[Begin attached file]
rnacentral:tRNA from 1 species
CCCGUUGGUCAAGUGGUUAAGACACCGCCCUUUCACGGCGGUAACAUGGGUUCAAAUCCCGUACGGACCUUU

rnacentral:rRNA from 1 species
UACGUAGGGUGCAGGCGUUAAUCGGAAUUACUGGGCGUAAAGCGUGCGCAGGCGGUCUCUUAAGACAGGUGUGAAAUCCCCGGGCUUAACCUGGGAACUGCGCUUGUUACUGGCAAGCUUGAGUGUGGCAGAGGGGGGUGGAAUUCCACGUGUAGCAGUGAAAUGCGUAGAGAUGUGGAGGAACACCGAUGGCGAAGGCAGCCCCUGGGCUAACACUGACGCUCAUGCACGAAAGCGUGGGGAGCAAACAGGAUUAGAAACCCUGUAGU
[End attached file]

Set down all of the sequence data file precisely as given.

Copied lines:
rnacentral:tRNA from 1 species
CCCGUUGGUCAAGUGGUUAAGACACCGCCCUUUCACGGCGGUAACAUGGGUUCAAAUCCCGUACGGACCUUU

rnacentral:rRNA from 1 species
UACGUAGGGUGCAGGCGUUAAUCGGAAUUACUGGGCGUAAAGCGUGCGCAGGCGGUCUCUUAAGACAGGUGUGAAAUCCCCGGGCUUAACCUGGGAACUGCGCUUGUUACUGGCAAGCUUGAGUGUGGCAGAGGGGGGUGGAAUUCCACGUGUAGCAGUGAAAUGCGUAGAGAUGUGGAGGAACACCGAUGGCGAAGGCAGCCCCUGGGCUAACACUGACGCUCAUGCACGAAAGCGUGGGGAGCAAACAGGAUUAGAAACCCUGUAGU